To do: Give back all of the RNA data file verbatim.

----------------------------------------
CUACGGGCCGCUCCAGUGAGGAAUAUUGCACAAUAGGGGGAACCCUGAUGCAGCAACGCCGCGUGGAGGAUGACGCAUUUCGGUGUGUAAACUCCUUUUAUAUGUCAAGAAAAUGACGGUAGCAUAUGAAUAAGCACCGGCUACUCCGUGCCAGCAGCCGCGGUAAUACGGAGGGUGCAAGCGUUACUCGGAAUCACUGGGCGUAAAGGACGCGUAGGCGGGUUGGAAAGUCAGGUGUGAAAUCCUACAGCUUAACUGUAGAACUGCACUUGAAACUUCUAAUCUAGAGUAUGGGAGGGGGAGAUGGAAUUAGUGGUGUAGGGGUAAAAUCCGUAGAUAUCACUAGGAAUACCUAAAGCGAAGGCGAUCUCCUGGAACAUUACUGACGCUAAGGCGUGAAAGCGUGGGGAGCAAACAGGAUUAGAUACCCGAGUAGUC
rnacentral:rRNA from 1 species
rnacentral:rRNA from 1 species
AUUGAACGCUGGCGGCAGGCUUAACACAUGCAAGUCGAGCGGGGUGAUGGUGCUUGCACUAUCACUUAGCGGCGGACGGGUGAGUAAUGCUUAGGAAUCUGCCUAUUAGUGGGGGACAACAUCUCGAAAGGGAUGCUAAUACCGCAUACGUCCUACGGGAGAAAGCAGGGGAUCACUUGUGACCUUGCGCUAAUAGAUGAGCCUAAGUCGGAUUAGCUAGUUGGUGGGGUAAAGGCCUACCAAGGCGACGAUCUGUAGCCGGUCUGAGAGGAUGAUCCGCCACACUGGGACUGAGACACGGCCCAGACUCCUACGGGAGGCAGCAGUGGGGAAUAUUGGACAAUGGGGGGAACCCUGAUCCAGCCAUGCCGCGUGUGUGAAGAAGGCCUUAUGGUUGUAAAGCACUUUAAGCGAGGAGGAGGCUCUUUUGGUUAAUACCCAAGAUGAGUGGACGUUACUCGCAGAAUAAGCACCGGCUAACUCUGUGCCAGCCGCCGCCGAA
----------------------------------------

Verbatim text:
CUACGGGCCGCUCCAGUGAGGAAUAUUGCACAAUAGGGGGAACCCUGAUGCAGCAACGCCGCGUGGAGGAUGACGCAUUUCGGUGUGUAAACUCCUUUUAUAUGUCAAGAAAAUGACGGUAGCAUAUGAAUAAGCACCGGCUACUCCGUGCCAGCAGCCGCGGUAAUACGGAGGGUGCAAGCGUUACUCGGAAUCACUGGGCGUAAAGGACGCGUAGGCGGGUUGGAAAGUCAGGUGUGAAAUCCUACAGCUUAACUGUAGAACUGCACUUGAAACUUCUAAUCUAGAGUAUGGGAGGGGGAGAUGGAAUUAGUGGUGUAGGGGUAAAAUCCGUAGAUAUCACUAGGAAUACCUAAAGCGAAGGCGAUCUCCUGGAACAUUACUGACGCUAAGGCGUGAAAGCGUGGGGAGCAAACAGGAUUAGAUACCCGAGUAGUC
rnacentral:rRNA from 1 species
rnacentral:rRNA from 1 species
AUUGAACGCUGGCGGCAGGCUUAACACAUGCAAGUCGAGCGGGGUGAUGGUGCUUGCACUAUCACUUAGCGGCGGACGGGUGAGUAAUGCUUAGGAAUCUGCCUAUUAGUGGGGGACAACAUCUCGAAAGGGAUGCUAAUACCGCAUACGUCCUACGGGAGAAAGCAGGGGAUCACUUGUGACCUUGCGCUAAUAGAUGAGCCUAAGUCGGAUUAGCUAGUUGGUGGGGUAAAGGCCUACCAAGGCGACGAUCUGUAGCCGGUCUGAGAGGAUGAUCCGCCACACUGGGACUGAGACACGGCCCAGACUCCUACGGGAGGCAGCAGUGGGGAAUAUUGGACAAUGGGGGGAACCCUGAUCCAGCCAUGCCGCGUGUGUGAAGAAGGCCUUAUGGUUGUAAAGCACUUUAAGCGAGGAGGAGGCUCUUUUGGUUAAUACCCAAGAUGAGUGGACGUUACUCGCAGAAUAAGCACCGGCUAACUCUGUGCCAGCCGCCGCCGAA